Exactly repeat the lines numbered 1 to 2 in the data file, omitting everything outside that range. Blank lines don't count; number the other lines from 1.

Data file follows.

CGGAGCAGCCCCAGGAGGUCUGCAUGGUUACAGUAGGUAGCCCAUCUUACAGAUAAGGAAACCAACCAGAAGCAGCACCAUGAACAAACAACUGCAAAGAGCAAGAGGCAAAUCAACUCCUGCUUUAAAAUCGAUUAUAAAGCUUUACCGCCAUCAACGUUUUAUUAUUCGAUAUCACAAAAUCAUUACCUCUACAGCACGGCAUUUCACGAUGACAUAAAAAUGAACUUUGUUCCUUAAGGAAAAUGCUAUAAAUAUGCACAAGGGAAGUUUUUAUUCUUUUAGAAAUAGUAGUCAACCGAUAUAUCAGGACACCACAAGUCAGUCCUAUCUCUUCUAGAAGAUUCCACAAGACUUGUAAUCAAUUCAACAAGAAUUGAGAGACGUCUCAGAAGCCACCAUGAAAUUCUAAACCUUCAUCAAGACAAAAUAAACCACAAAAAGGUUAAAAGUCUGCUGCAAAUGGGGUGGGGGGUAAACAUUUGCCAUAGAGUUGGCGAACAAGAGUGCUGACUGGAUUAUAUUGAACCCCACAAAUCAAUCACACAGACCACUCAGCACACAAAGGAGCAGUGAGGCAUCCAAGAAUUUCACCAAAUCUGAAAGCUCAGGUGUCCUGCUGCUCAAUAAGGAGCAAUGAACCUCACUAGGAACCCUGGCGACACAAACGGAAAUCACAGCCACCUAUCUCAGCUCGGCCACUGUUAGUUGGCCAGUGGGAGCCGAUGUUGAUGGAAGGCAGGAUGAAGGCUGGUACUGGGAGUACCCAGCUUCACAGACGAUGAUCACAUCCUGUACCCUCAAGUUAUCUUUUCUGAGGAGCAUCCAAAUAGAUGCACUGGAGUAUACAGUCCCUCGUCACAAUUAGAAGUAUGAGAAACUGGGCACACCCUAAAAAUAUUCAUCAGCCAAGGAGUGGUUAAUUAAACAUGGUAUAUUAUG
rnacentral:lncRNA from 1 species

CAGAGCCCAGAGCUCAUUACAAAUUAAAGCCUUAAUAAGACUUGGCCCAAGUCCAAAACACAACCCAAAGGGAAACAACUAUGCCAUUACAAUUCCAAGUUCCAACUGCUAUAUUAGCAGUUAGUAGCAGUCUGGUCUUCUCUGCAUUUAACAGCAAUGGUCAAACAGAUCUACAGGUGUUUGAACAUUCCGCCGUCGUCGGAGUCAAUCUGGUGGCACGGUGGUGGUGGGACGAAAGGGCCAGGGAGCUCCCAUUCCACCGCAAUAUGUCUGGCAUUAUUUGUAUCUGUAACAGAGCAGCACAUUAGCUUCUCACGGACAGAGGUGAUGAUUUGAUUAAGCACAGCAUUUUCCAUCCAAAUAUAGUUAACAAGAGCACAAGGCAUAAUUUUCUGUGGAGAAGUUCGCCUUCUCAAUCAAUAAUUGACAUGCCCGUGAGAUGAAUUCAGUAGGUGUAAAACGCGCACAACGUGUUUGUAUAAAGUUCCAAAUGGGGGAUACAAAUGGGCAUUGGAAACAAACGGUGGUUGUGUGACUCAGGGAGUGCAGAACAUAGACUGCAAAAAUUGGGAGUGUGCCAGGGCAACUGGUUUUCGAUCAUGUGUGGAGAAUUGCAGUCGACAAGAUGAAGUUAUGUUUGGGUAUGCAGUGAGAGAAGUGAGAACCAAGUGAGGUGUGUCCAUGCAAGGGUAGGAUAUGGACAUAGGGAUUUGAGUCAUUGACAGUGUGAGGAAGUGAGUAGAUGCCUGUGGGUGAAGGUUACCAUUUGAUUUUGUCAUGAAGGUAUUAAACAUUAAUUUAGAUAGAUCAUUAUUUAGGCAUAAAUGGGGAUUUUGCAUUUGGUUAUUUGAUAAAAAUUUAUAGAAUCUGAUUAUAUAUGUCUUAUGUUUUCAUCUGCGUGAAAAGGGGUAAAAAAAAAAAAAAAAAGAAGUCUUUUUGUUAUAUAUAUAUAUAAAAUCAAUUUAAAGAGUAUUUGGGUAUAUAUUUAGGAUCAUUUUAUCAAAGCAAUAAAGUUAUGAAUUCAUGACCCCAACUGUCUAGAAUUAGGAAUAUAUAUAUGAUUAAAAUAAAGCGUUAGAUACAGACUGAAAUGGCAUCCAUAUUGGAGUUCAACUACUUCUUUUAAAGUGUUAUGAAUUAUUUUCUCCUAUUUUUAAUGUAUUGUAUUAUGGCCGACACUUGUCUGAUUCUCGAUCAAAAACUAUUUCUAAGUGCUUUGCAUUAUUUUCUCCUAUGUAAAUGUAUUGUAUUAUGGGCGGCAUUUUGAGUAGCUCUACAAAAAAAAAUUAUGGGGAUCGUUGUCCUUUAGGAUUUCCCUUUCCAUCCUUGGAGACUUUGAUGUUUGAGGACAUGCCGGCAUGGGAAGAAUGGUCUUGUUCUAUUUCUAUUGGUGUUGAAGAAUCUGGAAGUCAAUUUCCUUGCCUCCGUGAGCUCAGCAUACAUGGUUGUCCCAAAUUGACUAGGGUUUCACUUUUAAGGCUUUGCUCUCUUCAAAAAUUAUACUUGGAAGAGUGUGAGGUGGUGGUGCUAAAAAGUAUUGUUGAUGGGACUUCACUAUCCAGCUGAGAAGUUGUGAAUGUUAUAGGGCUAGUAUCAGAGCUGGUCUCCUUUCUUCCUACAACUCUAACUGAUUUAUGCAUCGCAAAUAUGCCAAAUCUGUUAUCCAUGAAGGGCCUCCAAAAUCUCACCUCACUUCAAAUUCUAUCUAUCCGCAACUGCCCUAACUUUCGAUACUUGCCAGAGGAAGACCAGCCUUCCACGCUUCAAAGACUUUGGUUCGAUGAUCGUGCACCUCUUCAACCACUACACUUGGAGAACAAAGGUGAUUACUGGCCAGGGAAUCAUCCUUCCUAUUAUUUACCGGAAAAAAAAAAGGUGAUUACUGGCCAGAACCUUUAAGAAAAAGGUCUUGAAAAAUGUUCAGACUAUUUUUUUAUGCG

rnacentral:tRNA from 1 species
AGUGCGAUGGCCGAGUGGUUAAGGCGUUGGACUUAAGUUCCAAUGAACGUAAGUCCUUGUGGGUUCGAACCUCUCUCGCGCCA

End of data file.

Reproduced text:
CGGAGCAGCCCCAGGAGGUCUGCAUGGUUACAGUAGGUAGCCCAUCUUACAGAUAAGGAAACCAACCAGAAGCAGCACCAUGAACAAACAACUGCAAAGAGCAAGAGGCAAAUCAACUCCUGCUUUAAAAUCGAUUAUAAAGCUUUACCGCCAUCAACGUUUUAUUAUUCGAUAUCACAAAAUCAUUACCUCUACAGCACGGCAUUUCACGAUGACAUAAAAAUGAACUUUGUUCCUUAAGGAAAAUGCUAUAAAUAUGCACAAGGGAAGUUUUUAUUCUUUUAGAAAUAGUAGUCAACCGAUAUAUCAGGACACCACAAGUCAGUCCUAUCUCUUCUAGAAGAUUCCACAAGACUUGUAAUCAAUUCAACAAGAAUUGAGAGACGUCUCAGAAGCCACCAUGAAAUUCUAAACCUUCAUCAAGACAAAAUAAACCACAAAAAGGUUAAAAGUCUGCUGCAAAUGGGGUGGGGGGUAAACAUUUGCCAUAGAGUUGGCGAACAAGAGUGCUGACUGGAUUAUAUUGAACCCCACAAAUCAAUCACACAGACCACUCAGCACACAAAGGAGCAGUGAGGCAUCCAAGAAUUUCACCAAAUCUGAAAGCUCAGGUGUCCUGCUGCUCAAUAAGGAGCAAUGAACCUCACUAGGAACCCUGGCGACACAAACGGAAAUCACAGCCACCUAUCUCAGCUCGGCCACUGUUAGUUGGCCAGUGGGAGCCGAUGUUGAUGGAAGGCAGGAUGAAGGCUGGUACUGGGAGUACCCAGCUUCACAGACGAUGAUCACAUCCUGUACCCUCAAGUUAUCUUUUCUGAGGAGCAUCCAAAUAGAUGCACUGGAGUAUACAGUCCCUCGUCACAAUUAGAAGUAUGAGAAACUGGGCACACCCUAAAAAUAUUCAUCAGCCAAGGAGUGGUUAAUUAAACAUGGUAUAUUAUG
rnacentral:lncRNA from 1 species